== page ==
tumultuous


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tu·mul·tu·ous

 (to͝o-mŭl′cho͞o-əs, tyo͝o-)
adj.
1. Very loud; noisy: tumultuous applause.
2. Characterized by disorderly commotion: the tumultuous years of the 1960s.
3. Characterized by mental or emotional agitation: a tumultuous love affair.

tu·mul′tu·ous·ly adv.
tu·mul′tu·ous·ness n.

tumultuous

(tjuːˈmʌltjʊəs)
adj
1. uproarious, riotous, or turbulent: a tumultuous welcome.
2. greatly agitated, confused, or disturbed: a tumultuous dream.
3. making a loud or unruly disturbance: tumultuous insurgents.
tuˈmultuously adv
tuˈmultuousness n

tu•mul•tu•ous

(tuˈmʌl tʃu əs, tyu-)

adj.
1. full of tumult or riotousness; uproarious; disorderly.
2. highly agitated; distraught; turbulent.
[1540–50; < Latin tumultuōsus=tumultu(s) tumult + -ōsus -ous]
tu•mul′tu•ous•ly, adv.
tu•mul′tu•ous•ness, n.
ThesaurusAntonymsRelated WordsSynonymsLegend:
Adj.1.tumultuous - characterized by unrest or disorder or insubordinationtumultuous - characterized by unrest or disorder or insubordination; "effects of the struggle will be violent and disruptive"; "riotous times"; "these troubled areas"; "the tumultuous years of his administration"; "a turbulent and unruly childhood"
unquiet - characterized by unrest or disorder; "unquiet days of riots"; "following the assassination of Martin Luter King ours was an unquiet nation"; "spent an unquiet night tossing and turning"

tumultuous

adjective
1. turbulent, exciting, confused, disturbed, hectic, stormy, agitated the tumultuous changes in Eastern Europe
turbulent still, quiet, calm, peaceful, hushed, serene, tranquil, restful

tumultuous

adjective
1. Marked by unrest or disturbance:
2. Violently disturbed or agitated, as by storms:
Translations
ضَجّاج، كَثير الضَّوْضاء
bouřlivý
lármás
hávaîasamur
gürültülüpatırtılı

tumultuous

[tjuːˈmʌltjʊəs] ADJ [applause] → tumultuoso

tumultuous

[tjuːˈmʌltʃuəs] adjtumultueux/euse

tumultuous

adj applause, day, times, relationshipstürmisch; they gave him a tumultuous welcomesie begrüßten ihn stürmisch; a tumultuous seaeine stürmische See

tumultuous

[tjuːˈmʌltjʊəs] adjtumultuoso/a

tumult

(ˈtjuːmalt) noun
a great noise (usually made by a crowd). He could hear a great tumult in the street.
tuˈmultuous (-tʃuəs) adjective
with great noise or confusion. The crowd gave him a tumultuous welcome; tumultuous applause.
tuˈmultuously adverb
References in classic literature ?
Remember, also, that the surgeon must operate from above, some eight or ten feet intervening between him and his subject, and that subject almost hidden in a discolored, rolling, and oftentimes tumultuous and bursting sea.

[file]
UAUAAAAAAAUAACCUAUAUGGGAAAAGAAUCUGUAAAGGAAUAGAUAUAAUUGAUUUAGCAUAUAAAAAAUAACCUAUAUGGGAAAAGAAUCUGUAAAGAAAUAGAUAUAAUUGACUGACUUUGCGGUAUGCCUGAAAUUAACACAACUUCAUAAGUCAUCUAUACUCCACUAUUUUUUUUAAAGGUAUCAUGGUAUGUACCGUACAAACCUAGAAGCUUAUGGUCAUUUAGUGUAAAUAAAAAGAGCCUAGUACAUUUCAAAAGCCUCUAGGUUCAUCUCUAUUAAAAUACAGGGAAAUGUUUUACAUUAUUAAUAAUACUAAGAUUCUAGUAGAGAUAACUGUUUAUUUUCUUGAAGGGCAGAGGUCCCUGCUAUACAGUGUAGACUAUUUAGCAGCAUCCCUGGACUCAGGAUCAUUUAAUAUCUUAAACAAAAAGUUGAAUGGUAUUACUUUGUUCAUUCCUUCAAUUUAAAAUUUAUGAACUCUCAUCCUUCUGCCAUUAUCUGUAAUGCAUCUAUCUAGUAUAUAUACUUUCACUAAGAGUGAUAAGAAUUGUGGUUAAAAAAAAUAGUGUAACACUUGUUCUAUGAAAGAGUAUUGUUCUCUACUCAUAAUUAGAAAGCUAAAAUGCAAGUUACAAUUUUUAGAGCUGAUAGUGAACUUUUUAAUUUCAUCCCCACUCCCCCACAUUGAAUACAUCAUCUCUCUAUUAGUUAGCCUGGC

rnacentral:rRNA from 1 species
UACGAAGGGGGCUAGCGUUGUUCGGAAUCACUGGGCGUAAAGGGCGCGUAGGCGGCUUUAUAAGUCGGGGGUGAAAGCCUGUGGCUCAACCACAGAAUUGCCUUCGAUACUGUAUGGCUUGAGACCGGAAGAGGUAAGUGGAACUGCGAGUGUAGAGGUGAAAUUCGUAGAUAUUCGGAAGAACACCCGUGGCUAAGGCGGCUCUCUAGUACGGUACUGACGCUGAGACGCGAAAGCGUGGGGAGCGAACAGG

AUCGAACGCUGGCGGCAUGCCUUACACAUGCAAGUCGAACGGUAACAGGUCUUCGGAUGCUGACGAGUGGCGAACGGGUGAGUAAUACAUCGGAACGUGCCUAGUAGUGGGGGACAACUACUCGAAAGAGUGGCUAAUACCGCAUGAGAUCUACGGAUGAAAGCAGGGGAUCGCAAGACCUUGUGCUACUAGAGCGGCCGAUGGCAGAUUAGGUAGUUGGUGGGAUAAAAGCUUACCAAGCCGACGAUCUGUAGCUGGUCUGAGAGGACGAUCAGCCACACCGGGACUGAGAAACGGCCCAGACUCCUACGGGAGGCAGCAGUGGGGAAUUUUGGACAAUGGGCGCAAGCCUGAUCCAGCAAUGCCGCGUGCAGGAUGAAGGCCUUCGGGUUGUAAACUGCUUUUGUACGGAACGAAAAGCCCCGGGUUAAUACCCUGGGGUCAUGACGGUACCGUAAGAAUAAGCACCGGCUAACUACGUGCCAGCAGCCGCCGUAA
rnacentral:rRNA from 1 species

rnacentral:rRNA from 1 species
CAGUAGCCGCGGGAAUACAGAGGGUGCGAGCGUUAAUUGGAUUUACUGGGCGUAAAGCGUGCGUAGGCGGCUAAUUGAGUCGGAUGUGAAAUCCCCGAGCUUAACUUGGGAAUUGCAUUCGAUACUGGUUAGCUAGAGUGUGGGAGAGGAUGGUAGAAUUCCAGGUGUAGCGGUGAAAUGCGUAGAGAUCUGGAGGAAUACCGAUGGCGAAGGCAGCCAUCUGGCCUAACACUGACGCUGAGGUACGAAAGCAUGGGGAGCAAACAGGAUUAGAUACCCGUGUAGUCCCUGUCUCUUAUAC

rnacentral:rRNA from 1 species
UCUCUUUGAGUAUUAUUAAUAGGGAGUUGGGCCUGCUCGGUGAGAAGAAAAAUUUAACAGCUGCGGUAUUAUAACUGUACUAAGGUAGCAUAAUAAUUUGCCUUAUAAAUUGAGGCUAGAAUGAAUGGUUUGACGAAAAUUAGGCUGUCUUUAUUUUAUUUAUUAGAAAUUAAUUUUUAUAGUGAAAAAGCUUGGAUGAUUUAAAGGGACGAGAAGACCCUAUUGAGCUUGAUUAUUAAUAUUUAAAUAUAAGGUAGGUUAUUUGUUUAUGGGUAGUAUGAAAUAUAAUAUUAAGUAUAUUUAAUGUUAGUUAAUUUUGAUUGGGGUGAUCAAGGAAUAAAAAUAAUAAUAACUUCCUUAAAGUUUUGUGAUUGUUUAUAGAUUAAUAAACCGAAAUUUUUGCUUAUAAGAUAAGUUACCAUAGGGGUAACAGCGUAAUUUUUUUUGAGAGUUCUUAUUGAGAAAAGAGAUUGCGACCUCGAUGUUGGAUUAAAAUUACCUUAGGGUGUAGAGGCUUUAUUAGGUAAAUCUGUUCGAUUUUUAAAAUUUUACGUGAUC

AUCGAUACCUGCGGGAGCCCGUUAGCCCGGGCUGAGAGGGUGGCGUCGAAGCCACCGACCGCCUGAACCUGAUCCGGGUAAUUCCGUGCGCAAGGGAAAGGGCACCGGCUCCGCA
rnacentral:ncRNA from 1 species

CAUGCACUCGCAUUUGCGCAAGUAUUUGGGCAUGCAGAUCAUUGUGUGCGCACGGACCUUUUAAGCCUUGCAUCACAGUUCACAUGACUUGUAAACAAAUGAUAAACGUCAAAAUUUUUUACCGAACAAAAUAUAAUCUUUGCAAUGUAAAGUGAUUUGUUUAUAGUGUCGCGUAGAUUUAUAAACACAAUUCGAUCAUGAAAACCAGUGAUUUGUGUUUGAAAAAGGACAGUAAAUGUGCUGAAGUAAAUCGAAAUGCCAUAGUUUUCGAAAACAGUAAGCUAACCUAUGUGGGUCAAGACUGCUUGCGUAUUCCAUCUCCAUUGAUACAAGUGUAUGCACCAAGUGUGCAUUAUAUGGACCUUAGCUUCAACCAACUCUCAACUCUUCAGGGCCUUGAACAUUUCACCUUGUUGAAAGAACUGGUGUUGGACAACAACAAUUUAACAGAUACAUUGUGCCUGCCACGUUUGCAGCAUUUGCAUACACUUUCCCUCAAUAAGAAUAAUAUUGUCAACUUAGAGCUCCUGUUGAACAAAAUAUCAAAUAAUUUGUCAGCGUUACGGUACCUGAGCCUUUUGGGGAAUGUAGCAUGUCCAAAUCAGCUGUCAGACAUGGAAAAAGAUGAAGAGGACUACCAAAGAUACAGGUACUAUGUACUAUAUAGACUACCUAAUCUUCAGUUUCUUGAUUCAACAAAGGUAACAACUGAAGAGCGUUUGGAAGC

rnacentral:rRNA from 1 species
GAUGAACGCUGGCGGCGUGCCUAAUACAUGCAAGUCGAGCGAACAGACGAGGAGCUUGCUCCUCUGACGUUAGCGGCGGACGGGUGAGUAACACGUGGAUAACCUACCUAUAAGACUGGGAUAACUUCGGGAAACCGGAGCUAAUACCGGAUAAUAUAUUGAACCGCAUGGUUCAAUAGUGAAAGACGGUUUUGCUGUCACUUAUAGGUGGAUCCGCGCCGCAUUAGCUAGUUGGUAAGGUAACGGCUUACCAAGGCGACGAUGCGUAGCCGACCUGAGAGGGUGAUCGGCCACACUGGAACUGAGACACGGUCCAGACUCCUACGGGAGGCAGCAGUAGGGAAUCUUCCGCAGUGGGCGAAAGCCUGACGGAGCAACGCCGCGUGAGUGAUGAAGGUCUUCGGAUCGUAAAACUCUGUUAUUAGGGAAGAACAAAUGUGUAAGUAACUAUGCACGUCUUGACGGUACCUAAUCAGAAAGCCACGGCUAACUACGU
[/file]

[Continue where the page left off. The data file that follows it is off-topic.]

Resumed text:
As a ruler, the East Wind has a remarkable stability; as an invader of the high latitudes lying under the tumultuous sway of his great brother, the Wind of the West, he is extremely difficult to dislodge, by the reason of his cold craftiness and profound duplicity.
The reader will perhaps imagine the sensations which now arose in Jones to have been so sweet and delicious, that they would rather tend to produce a chearful serenity in the mind, than any of those dangerous effects which we have mentioned; but in fact, sensations of this kind, however delicious, are, at their first recognition, of a very tumultuous nature, and have very little of the opiate in them.
And all the while the thick-lipped leviathan is rushing through the deep, leaving tons of tumultuous white curds in his wake, and causing the slight boat to rock in the swells like a skiff caught nigh the paddle-wheels of an ocean steamer.
The peculiar V-shaped mouth with its pointed upper lip, the absence of brow ridges, the absence of a chin beneath the wedgelike lower lip, the incessant quivering of this mouth, the Gorgon groups of tentacles, the tumultuous breathing of the lungs in a strange atmosphere, the evident heaviness and painfulness of movement due to the greater gravitational energy of the earth--above all, the extraordinary intensity of the immense eyes--were at once vital, intense, inhuman, crippled and monstrous.
Tumultuous waves of the great river rise And seem to storm the skies, While snow-bright peak and prairie mist combine, And greyness softens the harsh mountain line.
The younger generation, conscious of strength and tumultuous, have done with knocking at the door; they have burst in and seated themselves in our seats.
At last it shot out of the door into the hall, followed by all, with tumultuous haste.
His accession to the throne, or rather his usurpation of the sovereignty, a hundred and seventy-one years before the coming of Christ; his attempt to plunder the temple of Diana at Ephesus; his implacable hostility to the Jews; his pollution of the Holy of Holies; and his miserable death at Taba, after a tumultuous reign of eleven years, are circumstances of a prominent kind, and therefore more generally noticed by the historians of his time than the impious, dastardly, cruel, silly, and whimsical achievements which make up the sum total of his private life and reputation.
Who but would cast his pomp away, To take my staff and amice grey, And to the world's tumultuous stage, Prefer the peaceful Hermitage?
If we therefore take his ideas on this point as the criterion of truth, we shall be driven to the alternative either of taking refuge at once in the arms of monarchy, or of splitting ourselves into an infinity of little, jealous, clashing, tumultuous commonwealths, the wretched nurseries of unceasing discord, and the miserable objects of universal pity or contempt.
IN the early morning (it was the second morning after my recovery, and I believe the fourth after I was picked up), I awoke through an avenue of tumultuous dreams,--dreams of guns and howling mobs,--and became sensible of a hoarse shouting above me.